Has Support for Israel Hurt U.S. Credibility? An Ally to Israel, but Not Unquestioning
August 23, 2012
It is true that Israel has been America’s most reliable ally in the Middle East. Support for Israel has been entrenched in the American body politic ever since President Harry S. Truman recognized the Jewish state in May 1948.
Support for Israel is particularly deep in the American Jewish community and among a significant majority of those Americans who describe themselves as “Evangelical” Christians. Evangelicals who
support Israel do so from deeply held religious convictions. First, they believe God gave the Holy Land to the Jews forever, and second, they believe God has promised to bless those who bless the Jews and curse those who curse the Jews (Genesis 12:3). In other words, if they want God to bless America they believe America must bless Israel. 'honest broker' with sufficient trust from both sides.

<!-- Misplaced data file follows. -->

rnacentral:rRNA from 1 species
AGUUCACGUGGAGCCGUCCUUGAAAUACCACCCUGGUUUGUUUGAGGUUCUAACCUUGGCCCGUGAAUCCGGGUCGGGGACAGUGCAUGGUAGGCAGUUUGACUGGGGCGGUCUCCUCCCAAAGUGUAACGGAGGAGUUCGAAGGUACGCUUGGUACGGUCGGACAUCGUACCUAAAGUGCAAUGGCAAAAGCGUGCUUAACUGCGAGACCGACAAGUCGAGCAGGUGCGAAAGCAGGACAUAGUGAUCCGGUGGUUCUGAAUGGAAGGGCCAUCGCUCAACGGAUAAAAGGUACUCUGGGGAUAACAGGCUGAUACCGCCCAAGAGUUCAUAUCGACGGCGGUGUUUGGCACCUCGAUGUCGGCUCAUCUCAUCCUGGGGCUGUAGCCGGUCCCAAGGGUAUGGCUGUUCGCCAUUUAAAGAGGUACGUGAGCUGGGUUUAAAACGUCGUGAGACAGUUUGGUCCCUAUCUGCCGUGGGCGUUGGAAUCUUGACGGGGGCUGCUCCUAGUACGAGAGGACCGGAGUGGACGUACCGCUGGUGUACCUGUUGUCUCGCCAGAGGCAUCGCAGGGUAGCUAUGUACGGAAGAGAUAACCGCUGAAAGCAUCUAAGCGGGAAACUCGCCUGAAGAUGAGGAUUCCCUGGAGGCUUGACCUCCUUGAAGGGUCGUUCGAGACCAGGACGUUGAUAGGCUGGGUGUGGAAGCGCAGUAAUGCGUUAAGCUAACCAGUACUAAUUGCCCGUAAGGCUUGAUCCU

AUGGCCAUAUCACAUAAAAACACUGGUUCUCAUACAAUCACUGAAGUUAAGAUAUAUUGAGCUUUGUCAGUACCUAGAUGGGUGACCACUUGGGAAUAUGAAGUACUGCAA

Yes, most Americans will “side with” Israel in its right to exist. That does not mean blind support for everything Israel does, or wants to do. Let’s remember, the first American president to officially
call for a two-state solution to the Arab-Israeli conflict was George W. Bush, once described to me by an Israeli official as “the best president of the U.S. Israel has ever had.”
Also, America gives a great deal of aid to the Palestinians as well as other Arab states, not just the Israelis.
America can exert significant influence in the Middle East and may be the only “honest broker” with sufficient trust from both sides and the power to make any agreements reached enforceable.
However, the Islamists who want to erase Israel’s existence will forever find America unalterably opposed to their goal.
This column was originally published by The New York Times' Room for Debate column Aug. 23, 2012.